Technology has changed everything, including what it means to be a “good friend”. It used to be that being a good friend meant you sat together at lunch, passed notes to each other in class and sat on the phone talking for hours. Now you’re considered a good friend if you like every single photo shared on Instagram and send hourly updates via Snapchat.
This isn’t just a “teen thing” I can’t tell you how many times I get a message from my friend asking me to quickly log on to Instagram and like their photo. When I am scrolling through my feed, I automatically “like” everyone of my friends updates. I honestly can’t decide if I do this out of loyalty or if we are so close that I actually really like everything they post. I like to think it is that I genuinely enjoy their posts, but I have a feeling loyalty plays a factor.
But being a good friend in the digital age means so much more than just faithfully hitting like.
We spend a lot of time talking about cyberbullying and how to teach kids not to lash out and say cruel things to each other online. But usually those conversations are based on interactions between people who don't get along. It is equally as important that when we teach children about digital citizenship that we also talk to them about how they treat their friends online. They might think it is absurd to even question how they treat their friends, because well, they are their friends. Still, you need to talk with them because they could be mistreating their friends online without even realizing it.
Below are some guidelines to share with your child, to start the conversation about what they can do to better respect their friends online
Posting photos and videos- Only post photos that you think make your friends look good. Be sensitive to their insecurities (we all have them). Aside from physical appearance don’t post pictures of your friends doing something they shouldn’t be doing or something that they would be embarrassed for others to see. When in doubt wait till you have the chance to ask them before you post.
Removing posts and media- Of course your teen could look at a photo or video of a friend and think it is great and not see anything wrong with it. But turns out they hate it for whatever reason. If this happens take it down. Do not argue with them or defy them, just respect their wishes. Untagging them might not be enough, ask them what they would prefer.
Feeling left out- This isn’t really new, but technology has made it easier to accomplish. If everyone is going to the amusement park, but one of your friends can’t make it be sensitive to the amount of pictures you put online. Don’t tweet #bestdayever or say “glad I could be with all my besties today”. Before posting anything, consider how you would feel if the tables were turned.
Respecting boundaries and rules- Technology makes it really difficult to be out of contact with someone, especially our friends. While it may be fun or tempting to have an on going group chat or to video call your best friend and watch Netflix “together” remember that sometimes they might need a break from communication. Or, their parents might have rules in place that prevent them from being in constant communication. Do not make them feel guilty for not being available around the clock. Respect that they have their limits and that they deserve a break from being connected. Also talk with your teen about how they can express their own rules and limits to their friends.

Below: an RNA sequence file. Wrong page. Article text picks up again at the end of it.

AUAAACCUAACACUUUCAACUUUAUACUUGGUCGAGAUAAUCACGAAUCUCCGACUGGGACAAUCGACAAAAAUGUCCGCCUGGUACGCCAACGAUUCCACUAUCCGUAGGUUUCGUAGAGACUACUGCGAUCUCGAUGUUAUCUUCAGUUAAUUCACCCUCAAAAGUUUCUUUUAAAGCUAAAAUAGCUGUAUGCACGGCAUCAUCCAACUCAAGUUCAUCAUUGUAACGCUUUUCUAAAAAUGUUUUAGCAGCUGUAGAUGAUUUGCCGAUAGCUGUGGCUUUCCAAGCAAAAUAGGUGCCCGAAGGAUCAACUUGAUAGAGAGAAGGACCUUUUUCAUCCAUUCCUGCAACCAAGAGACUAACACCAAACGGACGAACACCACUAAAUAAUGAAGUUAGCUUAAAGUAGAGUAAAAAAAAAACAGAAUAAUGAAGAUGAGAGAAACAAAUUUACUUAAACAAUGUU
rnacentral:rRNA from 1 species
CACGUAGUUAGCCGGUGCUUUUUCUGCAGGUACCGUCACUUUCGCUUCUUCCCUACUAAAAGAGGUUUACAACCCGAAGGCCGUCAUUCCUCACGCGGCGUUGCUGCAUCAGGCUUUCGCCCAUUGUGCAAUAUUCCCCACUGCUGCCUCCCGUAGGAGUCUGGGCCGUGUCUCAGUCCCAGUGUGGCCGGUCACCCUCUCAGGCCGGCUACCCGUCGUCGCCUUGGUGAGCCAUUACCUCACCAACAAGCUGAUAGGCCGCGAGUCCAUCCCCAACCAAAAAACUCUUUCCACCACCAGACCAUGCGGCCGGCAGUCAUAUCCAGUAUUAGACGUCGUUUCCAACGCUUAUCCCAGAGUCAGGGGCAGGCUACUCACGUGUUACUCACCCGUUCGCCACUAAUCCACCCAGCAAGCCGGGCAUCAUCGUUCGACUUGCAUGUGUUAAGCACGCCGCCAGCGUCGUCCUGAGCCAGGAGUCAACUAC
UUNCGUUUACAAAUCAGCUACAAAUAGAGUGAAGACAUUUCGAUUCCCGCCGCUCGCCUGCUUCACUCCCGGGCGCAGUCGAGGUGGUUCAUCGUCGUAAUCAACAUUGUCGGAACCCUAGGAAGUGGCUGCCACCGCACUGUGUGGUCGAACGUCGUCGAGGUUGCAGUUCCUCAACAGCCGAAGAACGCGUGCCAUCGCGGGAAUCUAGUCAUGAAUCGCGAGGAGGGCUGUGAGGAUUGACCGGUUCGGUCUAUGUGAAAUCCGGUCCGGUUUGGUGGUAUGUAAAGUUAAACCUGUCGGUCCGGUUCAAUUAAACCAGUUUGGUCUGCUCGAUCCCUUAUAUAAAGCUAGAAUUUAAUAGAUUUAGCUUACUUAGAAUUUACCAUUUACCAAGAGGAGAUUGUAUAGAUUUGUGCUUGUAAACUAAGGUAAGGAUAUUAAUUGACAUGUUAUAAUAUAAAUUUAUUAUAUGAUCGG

Report bullying- If you notice your friend being bullied online, step up and say something. Sitting back and watching it happen is almost as bad as participating in it. Apps such as Facebook, Twitter, Snapchat and Instagram provide you with great information on reporting and preventing bullying. Make sure you let your friends know they are not alone.
Respect their choices- Sometimes people need breaks from particular apps, there is no need to know the reason why they need to take the break, but there is a need to respect it. If a friend is trying to take a break from Snapchat or Facebook, respect their space and don't make them feel bad for abandoning the app. Don't keep sending them stuff and asking if they saw it or why they didn't respond. Let them know that you are open and happy to communicate with them in ways outside of the app.
In addition to the talking points above, make sure that you are being a good digital role model. As an adult I have been guilty of posting a photo of friends without even questioning it, only to be asked to take it down, while I saw nothing wrong with the photo, I removed it. I also asked my friend why it upset her to avoid having the situation reoccur in the future. No matter what age our friends are going to insecurities or reasons not want something about them shared online. We need to model good digital citizenship to children by following our own advice. Use your own experiences as examples to teach and guide your kids. Show them that learning how to respect their friends online isn’t just a grade school thing, but an ongoing life skill.
Photo courtesy of Flickr.com